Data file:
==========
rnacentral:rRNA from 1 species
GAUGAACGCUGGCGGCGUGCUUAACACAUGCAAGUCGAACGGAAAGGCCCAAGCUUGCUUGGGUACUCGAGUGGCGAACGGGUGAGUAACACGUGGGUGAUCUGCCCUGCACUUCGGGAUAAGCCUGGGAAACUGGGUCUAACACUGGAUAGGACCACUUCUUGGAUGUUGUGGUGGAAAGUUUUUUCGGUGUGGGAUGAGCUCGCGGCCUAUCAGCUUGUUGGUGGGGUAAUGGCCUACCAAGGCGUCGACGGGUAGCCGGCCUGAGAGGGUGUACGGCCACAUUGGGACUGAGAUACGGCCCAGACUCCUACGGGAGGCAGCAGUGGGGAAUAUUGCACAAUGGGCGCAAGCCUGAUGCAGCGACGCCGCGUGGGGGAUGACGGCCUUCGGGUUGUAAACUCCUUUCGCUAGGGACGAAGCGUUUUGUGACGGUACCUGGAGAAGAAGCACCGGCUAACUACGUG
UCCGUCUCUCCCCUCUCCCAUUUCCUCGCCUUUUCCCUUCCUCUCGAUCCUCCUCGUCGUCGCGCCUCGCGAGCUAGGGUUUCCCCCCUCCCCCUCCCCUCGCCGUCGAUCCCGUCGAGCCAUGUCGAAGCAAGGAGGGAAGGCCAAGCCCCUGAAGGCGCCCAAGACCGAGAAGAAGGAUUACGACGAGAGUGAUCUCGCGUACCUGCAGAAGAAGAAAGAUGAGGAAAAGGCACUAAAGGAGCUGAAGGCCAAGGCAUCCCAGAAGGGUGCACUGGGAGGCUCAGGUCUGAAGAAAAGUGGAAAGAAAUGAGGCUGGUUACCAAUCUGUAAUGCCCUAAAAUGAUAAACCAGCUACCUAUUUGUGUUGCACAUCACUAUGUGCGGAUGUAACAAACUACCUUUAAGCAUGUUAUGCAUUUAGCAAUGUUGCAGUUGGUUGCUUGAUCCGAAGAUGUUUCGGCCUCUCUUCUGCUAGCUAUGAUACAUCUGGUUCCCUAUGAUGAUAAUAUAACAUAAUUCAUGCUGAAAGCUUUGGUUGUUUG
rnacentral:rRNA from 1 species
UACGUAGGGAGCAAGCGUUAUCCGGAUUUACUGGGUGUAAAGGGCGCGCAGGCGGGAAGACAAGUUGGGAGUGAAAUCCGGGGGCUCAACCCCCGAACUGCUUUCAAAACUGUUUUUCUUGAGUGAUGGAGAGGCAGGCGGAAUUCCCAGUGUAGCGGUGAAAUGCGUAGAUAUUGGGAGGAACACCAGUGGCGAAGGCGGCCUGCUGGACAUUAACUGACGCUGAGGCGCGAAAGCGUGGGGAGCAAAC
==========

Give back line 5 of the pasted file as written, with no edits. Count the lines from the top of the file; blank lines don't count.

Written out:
UACGUAGGGAGCAAGCGUUAUCCGGAUUUACUGGGUGUAAAGGGCGCGCAGGCGGGAAGACAAGUUGGGAGUGAAAUCCGGGGGCUCAACCCCCGAACUGCUUUCAAAACUGUUUUUCUUGAGUGAUGGAGAGGCAGGCGGAAUUCCCAGUGUAGCGGUGAAAUGCGUAGAUAUUGGGAGGAACACCAGUGGCGAAGGCGGCCUGCUGGACAUUAACUGACGCUGAGGCGCGAAAGCGUGGGGAGCAAAC